An island of artificial intelligence

As I’ve written many times (e.g., here), it is difficult to overestimate the impact of artificial intelligence (AI) on the financial services industry. As Wired magazine said, “it is no surprise that AI tops the list of potentially disruptive technologies”. With Forrester further forecasting that a quarter of financial sector jobs will be “impacted” by AI before 2020, there’s an urgent need for the island begin to think about the next generation of financial services and begin to formulate a realistic strategy not only to copy with the changes but to exploit them. It is because the need is so urgent that I was delighted to be asked to give a keynote at the Cognitive Finance AI Retreat in September (Which began with a beach barbecue, something I recommend to conference producers everywhere.)

Beach BBQ

A beach barbecue is always a good idea at a conference.

The event was put together by my good friends at Cognitive Finance working with Digital Jersey (where I am advisor to the board) and they did a great job of bringing together a spectrum of both subject matter experts and informed commentators to cover a wide variety of issues and provide a great platform for learning.

On the first day of the event, political economist Will Hutton emphasised that financial services will be at the “cutting edge” of the big data revolution, pointing out that not only does the sector hold highly personal, highly valuable data about individuals, but that it has more complex oversight requirements than most other sectors.

Clara Durodie, CEO of Cognitive Finance Group kicked off the event by talking about the potential for AI to help to manage the colossal flows of data that characterise the financial sector today and I think she was right to highlight that the use of the technologies presents tremendous opportunities here.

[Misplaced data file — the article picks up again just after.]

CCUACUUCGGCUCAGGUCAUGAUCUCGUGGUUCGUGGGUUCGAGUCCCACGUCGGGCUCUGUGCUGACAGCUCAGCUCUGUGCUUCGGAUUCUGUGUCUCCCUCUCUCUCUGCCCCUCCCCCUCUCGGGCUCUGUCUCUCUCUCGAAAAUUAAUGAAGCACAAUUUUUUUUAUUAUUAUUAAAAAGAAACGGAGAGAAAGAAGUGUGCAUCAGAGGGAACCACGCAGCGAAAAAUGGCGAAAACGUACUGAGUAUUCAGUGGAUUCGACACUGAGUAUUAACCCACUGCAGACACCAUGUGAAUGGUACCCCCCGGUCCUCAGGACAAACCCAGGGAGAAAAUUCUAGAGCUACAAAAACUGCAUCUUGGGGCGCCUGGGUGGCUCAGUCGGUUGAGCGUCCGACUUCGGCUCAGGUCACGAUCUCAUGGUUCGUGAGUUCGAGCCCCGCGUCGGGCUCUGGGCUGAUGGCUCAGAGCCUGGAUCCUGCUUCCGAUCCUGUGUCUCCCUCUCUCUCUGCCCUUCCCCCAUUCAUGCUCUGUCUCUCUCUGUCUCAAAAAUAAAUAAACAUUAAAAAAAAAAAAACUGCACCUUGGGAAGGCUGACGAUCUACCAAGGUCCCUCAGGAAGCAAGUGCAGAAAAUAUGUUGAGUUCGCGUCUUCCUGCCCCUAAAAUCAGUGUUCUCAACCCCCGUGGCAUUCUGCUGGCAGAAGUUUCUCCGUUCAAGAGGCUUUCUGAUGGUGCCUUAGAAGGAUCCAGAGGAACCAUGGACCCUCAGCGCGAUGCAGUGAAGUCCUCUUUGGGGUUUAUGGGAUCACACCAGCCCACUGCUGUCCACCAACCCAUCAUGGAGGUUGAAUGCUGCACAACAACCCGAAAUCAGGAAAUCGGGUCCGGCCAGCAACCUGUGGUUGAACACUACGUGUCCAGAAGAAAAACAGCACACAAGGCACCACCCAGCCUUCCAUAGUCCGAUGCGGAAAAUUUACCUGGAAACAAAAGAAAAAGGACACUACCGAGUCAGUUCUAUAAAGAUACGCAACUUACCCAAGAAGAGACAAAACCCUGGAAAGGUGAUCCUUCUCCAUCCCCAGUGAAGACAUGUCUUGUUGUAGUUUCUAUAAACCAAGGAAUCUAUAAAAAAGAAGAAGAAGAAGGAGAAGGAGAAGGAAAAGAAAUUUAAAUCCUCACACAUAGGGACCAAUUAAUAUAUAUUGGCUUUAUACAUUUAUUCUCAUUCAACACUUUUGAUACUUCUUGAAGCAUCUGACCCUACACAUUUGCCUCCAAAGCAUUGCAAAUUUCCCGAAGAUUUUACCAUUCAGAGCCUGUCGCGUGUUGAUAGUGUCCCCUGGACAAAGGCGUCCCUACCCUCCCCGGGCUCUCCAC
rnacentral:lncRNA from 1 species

In his superb “Radical Technologies, Adam Greenfield wrote of the advance of automation that many of us (me included, by the way) cling to the hope that “there are some creative tasks that computers will simply never be able to peform”. I have no evidence that financial services regulation will be one of those tasks, so in my talk I suggested AI will be the most important “regtech” of all and made a few suggestions as to how regulators can plan to use the technology to create a better (that is faster, cheaper and more transparent) financial services sector. The strategic core of my suggestion was that jurisdictional competition to create a more cost-effective financial services market might be a competition that Jersey could do well in.

AI as Regtech

Regulation, however, was only one the topics discussed in a fascinating couple of days of talks, discussions and case studies. The surprise for me was that there was a lot of discussion about ethics, and how to incorporate ethics into the decision-making processes of AI systems so that they can be accountable. I hadn’t spent too much time thinking about this before, but I was certainly left with the impression that this might be one of the more difficult problems to address and talking with very well-informed presenters. Listening to experts such as Dr. Michael AikenheadKay Firth-ButterfieldDr. Sabine Dembrowski, Andrew Davies and many other leading names in finance and AI left me energised with the  possibilities and intrigued by the problems.

AI is an event horizon for the financial services industry. With our current knowledge, we simply cannot see (or perhaps even imagine) the other side of the introduction of true AI into our business. But we can see that our traditional “laws” of cost-benefit analysis, compliance and competition will not hold in that new financial services space, which is why it is important to start thinking about what the new “laws” might be and how the financial services can take advantage of them.